A new study published in JAMA Open Network found that mergers of rural hospitals into larger health systems may improve mortality outcomes.
Researchers from Agency for Healthcare Research and Quality (AHRQ) and IBM Watson Health assessed in a case-control study the changes in inpatient quality of care for rural hospitals that merged or were acquired compared with rural hospitals that remained independent. 172 merged hospital and 266 comparison hospitals were analyzed using data from 2009 to 2016.
The study found decreases in mortality after the merger for conditions like acute myocardial infarction (AMI), heart failure, stroke and pneumonia. In-hospital deaths were measured using all-payer discharge data from the 2008 to 2018 HCUP State Inpatient Databases (SID) to identify inpatient stays that met denominator specifications for the Agency for Healthcare Research and Quality’s (AHRQ) medical mortality Inpatient Quality Indicators (IQIs). For example, the annual AMI mortality rate decreased from between 7.8% and 10.9% premerger to 4.3% post-merger.
The study attributed the decrease in part to increased technology and expertise from the larger health system. Overall, the study suggests that rural hospital mergers are associated with quality improvement and enable hospitals increased access to financial, clinical, and technological resources which may reduce urban-rural disparities in quality.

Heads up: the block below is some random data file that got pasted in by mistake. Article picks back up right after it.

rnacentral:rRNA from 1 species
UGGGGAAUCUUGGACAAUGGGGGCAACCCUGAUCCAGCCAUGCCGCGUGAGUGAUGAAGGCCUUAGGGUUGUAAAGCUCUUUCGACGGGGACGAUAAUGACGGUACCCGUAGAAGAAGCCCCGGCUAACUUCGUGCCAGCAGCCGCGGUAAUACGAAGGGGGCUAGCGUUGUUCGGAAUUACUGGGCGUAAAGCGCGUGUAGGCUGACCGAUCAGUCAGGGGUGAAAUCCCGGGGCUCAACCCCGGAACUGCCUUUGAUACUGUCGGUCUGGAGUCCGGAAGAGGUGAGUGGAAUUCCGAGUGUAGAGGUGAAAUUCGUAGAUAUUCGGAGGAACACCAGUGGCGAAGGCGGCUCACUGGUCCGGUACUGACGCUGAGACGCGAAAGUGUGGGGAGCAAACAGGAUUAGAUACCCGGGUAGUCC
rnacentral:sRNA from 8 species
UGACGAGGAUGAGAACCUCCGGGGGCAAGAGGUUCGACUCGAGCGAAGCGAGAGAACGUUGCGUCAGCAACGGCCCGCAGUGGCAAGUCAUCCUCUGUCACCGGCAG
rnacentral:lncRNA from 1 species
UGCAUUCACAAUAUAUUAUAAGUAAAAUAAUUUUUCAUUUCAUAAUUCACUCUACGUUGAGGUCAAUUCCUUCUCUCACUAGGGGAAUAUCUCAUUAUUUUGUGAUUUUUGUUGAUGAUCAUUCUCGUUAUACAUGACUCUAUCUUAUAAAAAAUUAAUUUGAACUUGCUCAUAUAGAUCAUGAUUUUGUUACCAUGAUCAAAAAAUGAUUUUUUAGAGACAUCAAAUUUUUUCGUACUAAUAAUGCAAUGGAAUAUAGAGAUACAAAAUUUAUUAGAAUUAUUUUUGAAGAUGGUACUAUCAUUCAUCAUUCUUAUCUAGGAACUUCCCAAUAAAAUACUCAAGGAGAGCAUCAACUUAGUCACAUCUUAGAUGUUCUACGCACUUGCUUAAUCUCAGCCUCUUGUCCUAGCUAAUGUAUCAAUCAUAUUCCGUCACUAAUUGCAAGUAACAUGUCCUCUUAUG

This study is particularly relevant given the recent Executive Order issued by President Biden which signaled the Administration’s intent to focus antitrust enforcement resources on healthcare generally and on hospital consolidation, in particular. In the accompanying Fact Sheet, the White House concluded “[h]ospital consolidation has left many areas, especially rural communities, without good options for convenient and affordable healthcare service.”
When it comes to balancing access, prices, competition, quality of care and consumer needs, the study and its findings are likely to get significant attention from state and federal policymakers as they consider new guidelines for enforcement. For community leaders who are considering the best approach for their hometown hospital, this sophisticated analysis will be an important tool for both deliberations and their communication strategy to key community stakeholders. Finally, it isn’t uncommon for hospital sale transactions to include a wide range of operating and investment covenants that a buyer agrees to make for the community hospital post-close.
This study can help guide these discussions and provide some objective data points for the parties to consider. Waller serves as hospital and board counsel to community and safety-net hospitals throughout the country.
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